Somerset has been a fertile hunting-ground for Current Archaeology since the magazine’s inception. There is a wealth of archaeological sites and landscapes there, from the uplands of the Mendips to the lowlands of the Levels and many points in between, including some significant urban settlements. In addition, there are strong personal connections that led the founders of Current Archaeology, Andrew and Wendy Selkirk, to visit the county regularly, including with the archaeologists Philip Rahtz (1921-2011); John Coles (1930-2020) and Bryony Coles (born 1946), John’s research partner and later wife; and Mick Aston (1946-2013) – all of whom worked, and in some cases lived, in the county at different times.
To do justice to this rich heritage, I will spread my coverage of the county over two issues. The first half of this double column will focus on central and south Somerset, and is primarily rural; and next month the second half will look to Bath, Bristol, and their environs, and is more urban in focus. Before anyone writes in to complain, yes, I know that this does not stick within the official county boundaries, but I could think of no other way to tell the story of such an extraordinarily rich archaeological area.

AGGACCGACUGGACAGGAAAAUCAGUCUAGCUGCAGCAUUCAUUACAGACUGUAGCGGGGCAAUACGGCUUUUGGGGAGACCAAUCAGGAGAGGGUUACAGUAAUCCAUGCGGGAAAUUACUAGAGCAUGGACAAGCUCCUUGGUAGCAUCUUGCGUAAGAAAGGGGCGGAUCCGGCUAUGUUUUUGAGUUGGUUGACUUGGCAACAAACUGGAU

THE COLESES OF THE LEVELS
Telling the story of Current Archaeology’s coverage of Somerset is easy: you begin at the beginning, in CA 1 (March 1967), where the second-ever site visited was that of prehistoric (primarily Bronze Age) Meare Lake Village, near Glastonbury. CA 27 (July 1971) and CA 77 (May 1981) returned there, and this site and these names then set me up neatly for the next step in my Somerset story – that of its wetlands. Covering some 25,000 acres, the archaeology there is inextricably linked to the Coleses. The first overview of these sites came in CA 38 (May 1973) from John and, at that point, Bryony Orme (her maiden name – the pair married in 1985). This feature provides a superb snapshot of both research and practice at this time and place. CA 52 (September 1975) returned with their examination of the Walton Hurdle, a length of Neolithic trackway dating to c.2200 BC, which was discovered, excavated, and lifted prior to the site’s destruction due to peat-cutting.
Coles and Orme were next back in CA 84 (October 1982) for a general overview of the Levels, including the first mention in the magazine of the Sweet Track, another Neolithic structure, this one dating to c.3200 BC. Bar occasional snippets of notes and news, the story of the Somerset Levels, at least in the pages of Current Archaeology, then went quiet for a long time, until a magisterial reappearance in the ‘wetlands special’ of CA 172 (February 2001), a survey not just of the Somerset Levels but of wetlands across the UK, published in association with a conference that was being held at the British Academy.